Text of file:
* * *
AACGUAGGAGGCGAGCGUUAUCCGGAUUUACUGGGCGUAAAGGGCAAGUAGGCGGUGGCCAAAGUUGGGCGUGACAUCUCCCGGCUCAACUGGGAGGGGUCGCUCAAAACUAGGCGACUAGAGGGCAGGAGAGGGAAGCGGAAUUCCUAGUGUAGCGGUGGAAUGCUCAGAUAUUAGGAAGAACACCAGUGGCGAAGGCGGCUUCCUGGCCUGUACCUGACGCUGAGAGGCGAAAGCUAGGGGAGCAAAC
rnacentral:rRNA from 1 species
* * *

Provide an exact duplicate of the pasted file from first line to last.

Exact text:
AACGUAGGAGGCGAGCGUUAUCCGGAUUUACUGGGCGUAAAGGGCAAGUAGGCGGUGGCCAAAGUUGGGCGUGACAUCUCCCGGCUCAACUGGGAGGGGUCGCUCAAAACUAGGCGACUAGAGGGCAGGAGAGGGAAGCGGAAUUCCUAGUGUAGCGGUGGAAUGCUCAGAUAUUAGGAAGAACACCAGUGGCGAAGGCGGCUUCCUGGCCUGUACCUGACGCUGAGAGGCGAAAGCUAGGGGAGCAAAC
rnacentral:rRNA from 1 species